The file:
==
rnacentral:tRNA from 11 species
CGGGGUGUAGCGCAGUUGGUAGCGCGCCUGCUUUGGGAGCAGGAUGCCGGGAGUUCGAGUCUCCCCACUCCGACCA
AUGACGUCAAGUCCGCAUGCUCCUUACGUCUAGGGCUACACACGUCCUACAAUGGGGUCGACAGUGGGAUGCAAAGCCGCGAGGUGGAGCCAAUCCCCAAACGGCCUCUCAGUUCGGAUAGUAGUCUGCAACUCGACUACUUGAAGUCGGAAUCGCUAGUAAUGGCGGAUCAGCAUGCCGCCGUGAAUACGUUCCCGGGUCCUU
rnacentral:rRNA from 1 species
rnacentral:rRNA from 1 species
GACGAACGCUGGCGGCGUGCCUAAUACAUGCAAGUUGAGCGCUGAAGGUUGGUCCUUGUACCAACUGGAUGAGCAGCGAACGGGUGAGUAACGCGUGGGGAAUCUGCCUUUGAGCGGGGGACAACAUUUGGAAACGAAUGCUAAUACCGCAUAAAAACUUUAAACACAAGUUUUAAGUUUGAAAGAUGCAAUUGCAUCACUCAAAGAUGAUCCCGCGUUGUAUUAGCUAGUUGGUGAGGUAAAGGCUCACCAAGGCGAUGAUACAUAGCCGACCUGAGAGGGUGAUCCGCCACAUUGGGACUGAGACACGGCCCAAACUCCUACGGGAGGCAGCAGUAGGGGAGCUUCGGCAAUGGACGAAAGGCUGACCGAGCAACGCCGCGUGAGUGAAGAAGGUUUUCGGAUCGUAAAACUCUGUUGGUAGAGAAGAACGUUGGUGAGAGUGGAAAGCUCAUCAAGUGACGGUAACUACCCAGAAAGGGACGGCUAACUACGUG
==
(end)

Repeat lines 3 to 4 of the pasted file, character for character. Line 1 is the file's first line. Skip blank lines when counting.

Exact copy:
AUGACGUCAAGUCCGCAUGCUCCUUACGUCUAGGGCUACACACGUCCUACAAUGGGGUCGACAGUGGGAUGCAAAGCCGCGAGGUGGAGCCAAUCCCCAAACGGCCUCUCAGUUCGGAUAGUAGUCUGCAACUCGACUACUUGAAGUCGGAAUCGCUAGUAAUGGCGGAUCAGCAUGCCGCCGUGAAUACGUUCCCGGGUCCUU
rnacentral:rRNA from 1 species